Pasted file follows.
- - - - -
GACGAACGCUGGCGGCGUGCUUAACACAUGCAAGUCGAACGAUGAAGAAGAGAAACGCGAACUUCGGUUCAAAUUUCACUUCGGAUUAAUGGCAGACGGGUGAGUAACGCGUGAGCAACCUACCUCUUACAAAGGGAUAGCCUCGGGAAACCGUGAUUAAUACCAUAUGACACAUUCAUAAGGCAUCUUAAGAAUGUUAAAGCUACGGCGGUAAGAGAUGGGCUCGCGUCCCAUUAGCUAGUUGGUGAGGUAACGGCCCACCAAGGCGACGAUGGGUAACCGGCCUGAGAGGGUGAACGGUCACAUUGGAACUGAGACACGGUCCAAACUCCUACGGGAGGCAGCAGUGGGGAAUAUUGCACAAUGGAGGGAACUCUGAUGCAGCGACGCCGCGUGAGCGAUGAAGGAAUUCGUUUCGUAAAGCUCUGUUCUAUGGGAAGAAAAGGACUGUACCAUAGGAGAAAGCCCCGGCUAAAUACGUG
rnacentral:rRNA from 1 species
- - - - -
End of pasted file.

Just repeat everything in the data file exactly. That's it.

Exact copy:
GACGAACGCUGGCGGCGUGCUUAACACAUGCAAGUCGAACGAUGAAGAAGAGAAACGCGAACUUCGGUUCAAAUUUCACUUCGGAUUAAUGGCAGACGGGUGAGUAACGCGUGAGCAACCUACCUCUUACAAAGGGAUAGCCUCGGGAAACCGUGAUUAAUACCAUAUGACACAUUCAUAAGGCAUCUUAAGAAUGUUAAAGCUACGGCGGUAAGAGAUGGGCUCGCGUCCCAUUAGCUAGUUGGUGAGGUAACGGCCCACCAAGGCGACGAUGGGUAACCGGCCUGAGAGGGUGAACGGUCACAUUGGAACUGAGACACGGUCCAAACUCCUACGGGAGGCAGCAGUGGGGAAUAUUGCACAAUGGAGGGAACUCUGAUGCAGCGACGCCGCGUGAGCGAUGAAGGAAUUCGUUUCGUAAAGCUCUGUUCUAUGGGAAGAAAAGGACUGUACCAUAGGAGAAAGCCCCGGCUAAAUACGUG
rnacentral:rRNA from 1 species